Your best "meat sauce" recipe
I would call myself an intermediate home cook.
HOWEVER, I have yet to make my own spaghetti meat sauce!
What is your idea of the perfect meat sauce?
I've seen suggestions recommending to use crushed tomatoes, and some recommending whole tomatoes. This, I'm sure is a preferential thing.
I've seen suggestions that recommend using chunks of brisket or chuck meat instead of ground beef. I've seen suggestions saying that they like using a combination of pork, beef and veal.
Also, what herbs and seasonings do you like to put into your sauce?
Correct me if i'm wrong - I'm under the impression meat sauce is a tomato based sauce with meat. I'm looking for ideas tailored to eating this sauce with spaghetti pasta.
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My best meatsauce depends on my mood depending on shredded or ground meats, which can be either veal, beef or pork. I do not particularly care for braised lamb.
Yesterday, Veal Breast was on sale for 1.29/lb....it was cheap, so I was in the mood.... Seasoned and dusted in flour, browned well, mirepoix and two cans of crushed tomatoes into a slow cooker.....7 hours later...a nice sauce and tender meat.
i would make similar dishes for chuck roast, ox tails and short ribs....or pork shoulder with tomatoes or without.. Lydia Bastianich has a nice recipe with four pounds of slice onions that's very good.
For Bolognese... I prefer a combination of ground meat with dairy and tomato paste.
With regards to which type of tomatoes in a can....it depends on the type of sauce you are seeking for texture....smooth and thin, or thick and chunky..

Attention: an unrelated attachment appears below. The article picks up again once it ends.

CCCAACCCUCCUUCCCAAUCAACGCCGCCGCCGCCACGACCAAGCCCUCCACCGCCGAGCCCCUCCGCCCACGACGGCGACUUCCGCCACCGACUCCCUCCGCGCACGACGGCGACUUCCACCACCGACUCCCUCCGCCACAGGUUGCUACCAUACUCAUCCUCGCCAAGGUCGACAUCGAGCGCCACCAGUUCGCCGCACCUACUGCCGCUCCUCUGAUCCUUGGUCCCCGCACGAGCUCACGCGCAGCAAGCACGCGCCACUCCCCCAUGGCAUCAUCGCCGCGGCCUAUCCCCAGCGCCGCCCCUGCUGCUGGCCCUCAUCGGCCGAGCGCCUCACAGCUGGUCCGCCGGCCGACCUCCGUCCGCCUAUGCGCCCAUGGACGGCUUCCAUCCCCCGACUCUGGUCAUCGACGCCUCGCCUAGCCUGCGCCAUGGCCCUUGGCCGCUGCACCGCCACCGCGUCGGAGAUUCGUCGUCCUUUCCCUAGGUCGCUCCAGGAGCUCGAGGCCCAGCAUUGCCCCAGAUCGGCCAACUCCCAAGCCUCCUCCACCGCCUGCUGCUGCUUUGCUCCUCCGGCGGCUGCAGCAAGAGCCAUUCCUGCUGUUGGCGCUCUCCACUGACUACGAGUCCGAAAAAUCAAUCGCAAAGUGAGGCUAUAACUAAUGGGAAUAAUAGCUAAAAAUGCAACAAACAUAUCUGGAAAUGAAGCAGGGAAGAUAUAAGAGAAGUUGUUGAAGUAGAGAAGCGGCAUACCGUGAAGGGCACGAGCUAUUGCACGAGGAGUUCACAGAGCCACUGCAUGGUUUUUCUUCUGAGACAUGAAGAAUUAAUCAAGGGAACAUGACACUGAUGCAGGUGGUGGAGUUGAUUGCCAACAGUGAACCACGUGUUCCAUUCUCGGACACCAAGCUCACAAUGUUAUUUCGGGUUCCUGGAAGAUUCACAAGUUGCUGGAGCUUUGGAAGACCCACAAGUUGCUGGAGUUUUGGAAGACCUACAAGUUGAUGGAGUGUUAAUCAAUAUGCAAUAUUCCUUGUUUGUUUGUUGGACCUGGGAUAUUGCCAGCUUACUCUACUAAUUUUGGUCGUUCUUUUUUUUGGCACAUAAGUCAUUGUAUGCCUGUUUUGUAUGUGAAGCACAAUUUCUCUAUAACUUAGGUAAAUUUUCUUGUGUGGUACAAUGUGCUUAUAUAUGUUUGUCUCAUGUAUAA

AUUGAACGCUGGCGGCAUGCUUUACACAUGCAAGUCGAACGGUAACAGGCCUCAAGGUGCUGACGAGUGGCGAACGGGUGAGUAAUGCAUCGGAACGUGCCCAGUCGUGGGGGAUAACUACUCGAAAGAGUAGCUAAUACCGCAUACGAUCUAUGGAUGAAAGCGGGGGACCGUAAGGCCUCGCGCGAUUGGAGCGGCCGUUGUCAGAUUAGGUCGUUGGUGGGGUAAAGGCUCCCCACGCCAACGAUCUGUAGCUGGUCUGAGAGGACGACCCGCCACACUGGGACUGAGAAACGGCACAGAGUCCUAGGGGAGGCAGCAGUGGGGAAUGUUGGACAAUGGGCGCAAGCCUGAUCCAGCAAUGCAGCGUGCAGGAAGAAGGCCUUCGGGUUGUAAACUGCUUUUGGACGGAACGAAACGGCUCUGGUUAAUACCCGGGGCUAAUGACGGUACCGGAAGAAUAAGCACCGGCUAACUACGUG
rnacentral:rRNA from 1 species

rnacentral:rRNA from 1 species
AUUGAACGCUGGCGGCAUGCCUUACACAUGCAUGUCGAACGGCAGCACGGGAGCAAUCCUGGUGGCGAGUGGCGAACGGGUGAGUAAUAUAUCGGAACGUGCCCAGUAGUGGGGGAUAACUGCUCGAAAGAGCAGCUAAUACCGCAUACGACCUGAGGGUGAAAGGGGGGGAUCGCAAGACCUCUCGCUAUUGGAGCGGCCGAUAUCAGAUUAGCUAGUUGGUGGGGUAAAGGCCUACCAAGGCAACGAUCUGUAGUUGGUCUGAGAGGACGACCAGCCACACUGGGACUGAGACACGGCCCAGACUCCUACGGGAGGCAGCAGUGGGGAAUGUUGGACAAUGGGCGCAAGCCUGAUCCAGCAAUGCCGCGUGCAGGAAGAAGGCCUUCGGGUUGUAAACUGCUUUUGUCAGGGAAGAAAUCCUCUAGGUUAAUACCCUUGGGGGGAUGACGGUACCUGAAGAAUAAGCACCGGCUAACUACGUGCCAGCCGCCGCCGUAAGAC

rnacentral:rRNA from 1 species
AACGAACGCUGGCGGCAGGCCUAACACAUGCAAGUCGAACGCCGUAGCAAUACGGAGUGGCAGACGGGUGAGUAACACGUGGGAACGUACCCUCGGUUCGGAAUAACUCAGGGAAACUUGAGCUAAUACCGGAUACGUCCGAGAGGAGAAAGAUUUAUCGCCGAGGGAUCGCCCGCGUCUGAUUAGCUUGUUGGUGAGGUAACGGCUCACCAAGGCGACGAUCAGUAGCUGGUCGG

Here's a tip I learned many years ago from a chef who I worked with in my past history....All tomato brands and their products have very particular characteristics which ultimately define their sauce in two distinct ways....color and consistency. When you purchase your future tomato brands and types, record what you see when you open the can. Note the color, the texture and the liquid ratio. When you are finished making your sauce, note the results as well as to whether you like the taste or result. Test other brands and do the same.
Some brands have very light color tomatoes, while others are much deeper and darker red. Ultimately, it will affect the color of your sauce....red opposed to orange.
6 in 1 are fine tomatoes, but I prefer to use whole DOP (certified) San Marzano Tomatoes imported from Italy. Don't pay a premium for the California version, they're not worth the price. Market Basket carries Cento DOPs for $2.99 and another brand at only $1.99. Just crush them up whole with your hands as you add them to the pan. I like to make a large sauce using 3-4 cans of the whole tomatoes and a small can of paste. Plenty of leftovers for mid week meals and it freezes well. In addition to dried basil and oregano, use some red pepper flakes and dried thyme to taste. I also use a bayleaf or two. And LOTS of fresh chopped garlic sauteed up with a small diced onion and a carrot for a bit of sweetness. If you use fresh herbs. throw them in about a half an hour before you serve.
I make the Sunday Meat Ragu that my Nonna used to make so it cooks for several hours on Friday and again for a couple of hours on Sunday. It's always better after a couple of days. As for the meat, it's always what ever is on hand in addition to ground beef,pork and maybe veal. A pork chop or two, or beef tips are terrific, but not necessary.
I make this using ground beef or, if I have it, equal parts leftover eye of the round steak and pork loin, minced. I start with soffrito of onion, carrot, and celery in olive oil, add the meat and some white wine (there's often a partial bottle of pinot Gris around. Dry white vermouth works, too), add a can of tomato sauce (15 oz) and a can of tomato paste (6 oz), add toasted ground fennel and nutmeg, plenty of back pepper, and a pinch of salt. Stir in dairy of your choice, a tbsp. or two. Cream works. So does sour cream. Toss is a bowl with pasta and grated Romano. This whole thing takes about as long as bringing five quarts of water to a boil and cooking the pasta.